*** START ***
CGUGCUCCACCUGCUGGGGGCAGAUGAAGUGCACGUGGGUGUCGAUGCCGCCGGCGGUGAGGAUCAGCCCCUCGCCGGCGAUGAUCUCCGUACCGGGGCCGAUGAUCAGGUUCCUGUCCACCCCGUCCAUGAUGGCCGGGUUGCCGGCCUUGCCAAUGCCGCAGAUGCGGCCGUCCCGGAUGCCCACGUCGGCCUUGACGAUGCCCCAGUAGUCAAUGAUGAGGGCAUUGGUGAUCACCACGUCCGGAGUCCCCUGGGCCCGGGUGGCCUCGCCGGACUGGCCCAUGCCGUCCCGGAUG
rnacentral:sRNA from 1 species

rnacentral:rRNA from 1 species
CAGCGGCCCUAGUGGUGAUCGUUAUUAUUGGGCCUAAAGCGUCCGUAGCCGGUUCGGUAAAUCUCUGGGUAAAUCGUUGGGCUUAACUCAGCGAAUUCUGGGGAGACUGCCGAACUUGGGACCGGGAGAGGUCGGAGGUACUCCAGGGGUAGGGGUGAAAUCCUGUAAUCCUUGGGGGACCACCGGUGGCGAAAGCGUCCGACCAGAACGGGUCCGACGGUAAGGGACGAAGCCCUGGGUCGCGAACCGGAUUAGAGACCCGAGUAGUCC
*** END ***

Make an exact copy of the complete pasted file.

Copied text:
CGUGCUCCACCUGCUGGGGGCAGAUGAAGUGCACGUGGGUGUCGAUGCCGCCGGCGGUGAGGAUCAGCCCCUCGCCGGCGAUGAUCUCCGUACCGGGGCCGAUGAUCAGGUUCCUGUCCACCCCGUCCAUGAUGGCCGGGUUGCCGGCCUUGCCAAUGCCGCAGAUGCGGCCGUCCCGGAUGCCCACGUCGGCCUUGACGAUGCCCCAGUAGUCAAUGAUGAGGGCAUUGGUGAUCACCACGUCCGGAGUCCCCUGGGCCCGGGUGGCCUCGCCGGACUGGCCCAUGCCGUCCCGGAUG
rnacentral:sRNA from 1 species

rnacentral:rRNA from 1 species
CAGCGGCCCUAGUGGUGAUCGUUAUUAUUGGGCCUAAAGCGUCCGUAGCCGGUUCGGUAAAUCUCUGGGUAAAUCGUUGGGCUUAACUCAGCGAAUUCUGGGGAGACUGCCGAACUUGGGACCGGGAGAGGUCGGAGGUACUCCAGGGGUAGGGGUGAAAUCCUGUAAUCCUUGGGGGACCACCGGUGGCGAAAGCGUCCGACCAGAACGGGUCCGACGGUAAGGGACGAAGCCCUGGGUCGCGAACCGGAUUAGAGACCCGAGUAGUCC